Pittsburgh Plate Glass Enamel Plant facts for kids
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Pittsburgh Plate Glass Enamel Plant
Detail of the plant.
|Location||201 E. Pittsburgh Ave.
|Architect||Alexander C. Eschweiler|
|Architectural style||Art Moderne|
|NRHP reference No.||09000851|
|Added to NRHP||October 21, 2009|
The Pittsburgh Plate Glass Enamel Plant is an Art Moderne-styled factory in Milwaukee, Wisconsin, built in 1937 by the Pittsburgh Plate Glass Company. In 2009 it was added to the National Register of Historic Places in 2009.
The plant was constructed as part of the expansion of the paint and varnish division of what is now PPG Industries based in Pittsburgh. The building is four stories, 200 feet long, with a brick-clad exterior and a graceful glass tower at the northwest corner. It was designed by the firm of Eschweiler & Eschweiler. Hallmarks of the Art Moderne style are the simple, smooth shapes and curves resembling an airplane and the independence from any historic architectural styles. PPG manufactured enamel paint in the building from 1937 until 1976.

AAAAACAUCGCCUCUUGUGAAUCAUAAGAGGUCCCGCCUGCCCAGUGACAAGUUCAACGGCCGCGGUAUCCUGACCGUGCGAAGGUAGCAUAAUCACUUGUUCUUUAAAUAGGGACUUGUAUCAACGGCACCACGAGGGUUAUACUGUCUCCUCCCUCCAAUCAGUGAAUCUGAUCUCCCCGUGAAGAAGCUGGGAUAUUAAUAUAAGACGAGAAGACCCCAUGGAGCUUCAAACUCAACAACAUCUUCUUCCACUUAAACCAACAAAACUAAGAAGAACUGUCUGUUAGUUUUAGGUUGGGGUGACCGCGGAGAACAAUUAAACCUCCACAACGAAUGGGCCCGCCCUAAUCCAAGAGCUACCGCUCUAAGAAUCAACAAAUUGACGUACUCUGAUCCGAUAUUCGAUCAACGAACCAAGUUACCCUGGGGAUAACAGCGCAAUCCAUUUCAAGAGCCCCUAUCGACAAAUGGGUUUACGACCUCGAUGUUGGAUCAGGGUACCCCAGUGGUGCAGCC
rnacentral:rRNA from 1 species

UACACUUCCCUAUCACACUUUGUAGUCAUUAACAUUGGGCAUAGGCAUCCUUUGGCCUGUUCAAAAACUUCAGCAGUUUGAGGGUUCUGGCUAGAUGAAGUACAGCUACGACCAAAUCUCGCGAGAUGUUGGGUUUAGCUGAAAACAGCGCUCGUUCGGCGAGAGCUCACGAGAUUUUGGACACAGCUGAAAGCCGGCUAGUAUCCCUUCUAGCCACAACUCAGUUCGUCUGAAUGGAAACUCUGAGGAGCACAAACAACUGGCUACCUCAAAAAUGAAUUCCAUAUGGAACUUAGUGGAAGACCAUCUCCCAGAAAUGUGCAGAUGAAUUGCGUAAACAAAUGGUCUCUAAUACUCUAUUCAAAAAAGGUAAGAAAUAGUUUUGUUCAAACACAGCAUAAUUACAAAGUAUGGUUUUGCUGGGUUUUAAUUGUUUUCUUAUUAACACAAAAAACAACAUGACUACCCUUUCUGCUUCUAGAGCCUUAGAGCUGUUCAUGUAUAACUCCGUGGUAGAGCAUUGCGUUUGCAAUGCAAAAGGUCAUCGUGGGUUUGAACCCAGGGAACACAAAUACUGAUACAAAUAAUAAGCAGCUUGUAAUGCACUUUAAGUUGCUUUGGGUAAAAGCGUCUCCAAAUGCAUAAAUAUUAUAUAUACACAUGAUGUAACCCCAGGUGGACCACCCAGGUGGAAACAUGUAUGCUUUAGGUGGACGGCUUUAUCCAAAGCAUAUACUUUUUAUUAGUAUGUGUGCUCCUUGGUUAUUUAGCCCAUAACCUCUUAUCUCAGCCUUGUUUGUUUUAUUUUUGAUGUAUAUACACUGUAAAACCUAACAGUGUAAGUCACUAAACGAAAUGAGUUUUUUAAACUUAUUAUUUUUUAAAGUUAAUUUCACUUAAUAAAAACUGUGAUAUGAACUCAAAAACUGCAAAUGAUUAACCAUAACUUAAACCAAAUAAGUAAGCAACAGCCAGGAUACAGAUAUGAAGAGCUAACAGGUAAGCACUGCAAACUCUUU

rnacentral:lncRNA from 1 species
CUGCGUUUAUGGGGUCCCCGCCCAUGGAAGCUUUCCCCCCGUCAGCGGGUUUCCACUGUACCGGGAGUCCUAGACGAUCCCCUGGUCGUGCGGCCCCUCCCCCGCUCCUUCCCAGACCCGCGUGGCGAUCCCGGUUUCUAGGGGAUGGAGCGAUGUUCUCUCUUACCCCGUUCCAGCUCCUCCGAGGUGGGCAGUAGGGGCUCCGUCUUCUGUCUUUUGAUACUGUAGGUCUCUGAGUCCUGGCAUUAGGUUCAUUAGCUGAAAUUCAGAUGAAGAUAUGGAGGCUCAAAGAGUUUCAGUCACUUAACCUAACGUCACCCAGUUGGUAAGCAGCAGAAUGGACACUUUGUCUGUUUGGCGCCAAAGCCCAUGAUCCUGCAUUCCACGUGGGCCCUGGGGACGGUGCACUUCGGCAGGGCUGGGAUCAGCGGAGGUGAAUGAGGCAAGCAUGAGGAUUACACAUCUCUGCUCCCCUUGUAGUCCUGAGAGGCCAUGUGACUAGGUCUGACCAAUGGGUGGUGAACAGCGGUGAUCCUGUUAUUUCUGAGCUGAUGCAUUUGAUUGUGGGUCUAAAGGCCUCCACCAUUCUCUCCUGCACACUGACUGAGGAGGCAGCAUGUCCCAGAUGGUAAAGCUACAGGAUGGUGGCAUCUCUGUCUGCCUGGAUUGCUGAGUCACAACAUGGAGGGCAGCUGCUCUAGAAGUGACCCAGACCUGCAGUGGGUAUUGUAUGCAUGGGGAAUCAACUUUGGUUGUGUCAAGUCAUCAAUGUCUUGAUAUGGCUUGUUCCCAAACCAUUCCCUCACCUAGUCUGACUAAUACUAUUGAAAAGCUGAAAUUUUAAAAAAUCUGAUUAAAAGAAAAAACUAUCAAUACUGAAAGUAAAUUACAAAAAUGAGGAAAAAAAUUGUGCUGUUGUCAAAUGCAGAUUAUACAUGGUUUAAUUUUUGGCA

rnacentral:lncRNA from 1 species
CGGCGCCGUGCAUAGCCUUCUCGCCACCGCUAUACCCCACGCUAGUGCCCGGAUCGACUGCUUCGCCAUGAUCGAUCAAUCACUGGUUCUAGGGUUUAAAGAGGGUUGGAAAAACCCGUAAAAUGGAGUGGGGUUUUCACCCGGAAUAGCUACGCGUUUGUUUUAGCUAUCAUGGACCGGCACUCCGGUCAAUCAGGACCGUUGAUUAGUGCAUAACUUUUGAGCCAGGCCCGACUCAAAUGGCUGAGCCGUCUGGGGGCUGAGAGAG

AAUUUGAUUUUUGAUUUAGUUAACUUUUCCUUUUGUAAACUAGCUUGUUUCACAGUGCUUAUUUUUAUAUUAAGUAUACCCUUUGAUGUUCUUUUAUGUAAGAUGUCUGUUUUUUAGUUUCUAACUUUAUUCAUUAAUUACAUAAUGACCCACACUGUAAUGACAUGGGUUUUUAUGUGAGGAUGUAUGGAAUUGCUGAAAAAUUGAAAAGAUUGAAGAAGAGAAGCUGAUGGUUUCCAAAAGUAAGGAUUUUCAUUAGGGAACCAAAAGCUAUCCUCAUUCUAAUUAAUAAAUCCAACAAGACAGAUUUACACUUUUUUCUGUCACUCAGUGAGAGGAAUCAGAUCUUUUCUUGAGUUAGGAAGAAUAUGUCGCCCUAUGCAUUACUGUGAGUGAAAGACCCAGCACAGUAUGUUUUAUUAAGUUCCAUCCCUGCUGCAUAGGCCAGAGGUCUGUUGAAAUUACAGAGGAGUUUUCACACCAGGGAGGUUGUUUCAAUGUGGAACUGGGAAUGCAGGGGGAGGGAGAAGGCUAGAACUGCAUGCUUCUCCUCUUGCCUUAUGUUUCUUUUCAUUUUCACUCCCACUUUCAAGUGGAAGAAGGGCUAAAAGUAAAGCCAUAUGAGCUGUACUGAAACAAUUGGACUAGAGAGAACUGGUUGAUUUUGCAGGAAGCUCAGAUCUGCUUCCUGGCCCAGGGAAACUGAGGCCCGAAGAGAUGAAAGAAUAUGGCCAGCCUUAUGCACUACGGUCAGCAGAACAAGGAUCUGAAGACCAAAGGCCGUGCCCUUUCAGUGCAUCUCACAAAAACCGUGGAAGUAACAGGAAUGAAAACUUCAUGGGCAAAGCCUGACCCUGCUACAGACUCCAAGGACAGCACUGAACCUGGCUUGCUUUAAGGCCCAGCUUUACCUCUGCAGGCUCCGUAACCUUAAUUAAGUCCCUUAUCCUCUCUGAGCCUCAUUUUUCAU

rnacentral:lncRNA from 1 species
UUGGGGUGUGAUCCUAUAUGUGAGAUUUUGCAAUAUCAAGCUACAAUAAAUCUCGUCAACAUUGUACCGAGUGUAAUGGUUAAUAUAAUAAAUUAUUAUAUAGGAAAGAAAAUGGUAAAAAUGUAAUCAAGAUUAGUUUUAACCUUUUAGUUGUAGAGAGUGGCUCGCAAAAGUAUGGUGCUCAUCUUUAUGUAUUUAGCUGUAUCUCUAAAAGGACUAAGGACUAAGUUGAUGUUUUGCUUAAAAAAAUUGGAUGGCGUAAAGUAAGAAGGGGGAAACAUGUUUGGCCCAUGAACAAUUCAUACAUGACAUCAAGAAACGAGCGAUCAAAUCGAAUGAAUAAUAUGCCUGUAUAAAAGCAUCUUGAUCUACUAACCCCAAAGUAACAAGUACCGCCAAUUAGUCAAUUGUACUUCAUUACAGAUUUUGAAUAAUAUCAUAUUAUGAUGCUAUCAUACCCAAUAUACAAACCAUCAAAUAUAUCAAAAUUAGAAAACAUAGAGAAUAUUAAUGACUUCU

After Pittsburgh, Transpack made boxes in the plant until 2007. Renovated in 2008 for commercial and business use, the four-story building houses offices for Knight-Barry Title Group, and the headquarters for data security and compression company, PKWARE.
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